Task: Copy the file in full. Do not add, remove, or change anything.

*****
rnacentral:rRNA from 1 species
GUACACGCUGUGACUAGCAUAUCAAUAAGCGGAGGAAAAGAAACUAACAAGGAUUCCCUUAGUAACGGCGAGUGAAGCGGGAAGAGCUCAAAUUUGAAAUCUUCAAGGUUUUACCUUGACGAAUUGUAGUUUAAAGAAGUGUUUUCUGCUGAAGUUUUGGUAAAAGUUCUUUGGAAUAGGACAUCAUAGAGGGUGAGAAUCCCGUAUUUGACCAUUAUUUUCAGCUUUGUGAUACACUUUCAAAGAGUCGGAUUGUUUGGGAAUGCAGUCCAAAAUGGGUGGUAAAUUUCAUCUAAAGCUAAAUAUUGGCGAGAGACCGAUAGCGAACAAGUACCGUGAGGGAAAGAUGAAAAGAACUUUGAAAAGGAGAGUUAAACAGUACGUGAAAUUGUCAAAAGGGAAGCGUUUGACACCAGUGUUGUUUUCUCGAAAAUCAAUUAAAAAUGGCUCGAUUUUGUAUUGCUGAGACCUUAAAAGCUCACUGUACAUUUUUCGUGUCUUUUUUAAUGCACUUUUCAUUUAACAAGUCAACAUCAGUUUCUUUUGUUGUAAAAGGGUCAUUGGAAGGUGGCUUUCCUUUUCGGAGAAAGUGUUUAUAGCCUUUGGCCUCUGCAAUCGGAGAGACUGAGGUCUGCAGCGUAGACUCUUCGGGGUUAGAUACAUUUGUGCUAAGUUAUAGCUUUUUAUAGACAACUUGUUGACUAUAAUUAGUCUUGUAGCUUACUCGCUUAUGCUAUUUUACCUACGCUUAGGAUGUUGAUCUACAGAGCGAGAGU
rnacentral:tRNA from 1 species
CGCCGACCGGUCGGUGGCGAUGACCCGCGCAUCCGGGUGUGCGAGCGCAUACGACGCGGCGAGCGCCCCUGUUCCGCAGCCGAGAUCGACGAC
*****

rnacentral:rRNA from 1 species
GUACACGCUGUGACUAGCAUAUCAAUAAGCGGAGGAAAAGAAACUAACAAGGAUUCCCUUAGUAACGGCGAGUGAAGCGGGAAGAGCUCAAAUUUGAAAUCUUCAAGGUUUUACCUUGACGAAUUGUAGUUUAAAGAAGUGUUUUCUGCUGAAGUUUUGGUAAAAGUUCUUUGGAAUAGGACAUCAUAGAGGGUGAGAAUCCCGUAUUUGACCAUUAUUUUCAGCUUUGUGAUACACUUUCAAAGAGUCGGAUUGUUUGGGAAUGCAGUCCAAAAUGGGUGGUAAAUUUCAUCUAAAGCUAAAUAUUGGCGAGAGACCGAUAGCGAACAAGUACCGUGAGGGAAAGAUGAAAAGAACUUUGAAAAGGAGAGUUAAACAGUACGUGAAAUUGUCAAAAGGGAAGCGUUUGACACCAGUGUUGUUUUCUCGAAAAUCAAUUAAAAAUGGCUCGAUUUUGUAUUGCUGAGACCUUAAAAGCUCACUGUACAUUUUUCGUGUCUUUUUUAAUGCACUUUUCAUUUAACAAGUCAACAUCAGUUUCUUUUGUUGUAAAAGGGUCAUUGGAAGGUGGCUUUCCUUUUCGGAGAAAGUGUUUAUAGCCUUUGGCCUCUGCAAUCGGAGAGACUGAGGUCUGCAGCGUAGACUCUUCGGGGUUAGAUACAUUUGUGCUAAGUUAUAGCUUUUUAUAGACAACUUGUUGACUAUAAUUAGUCUUGUAGCUUACUCGCUUAUGCUAUUUUACCUACGCUUAGGAUGUUGAUCUACAGAGCGAGAGU
rnacentral:tRNA from 1 species
CGCCGACCGGUCGGUGGCGAUGACCCGCGCAUCCGGGUGUGCGAGCGCAUACGACGCGGCGAGCGCCCCUGUUCCGCAGCCGAGAUCGACGAC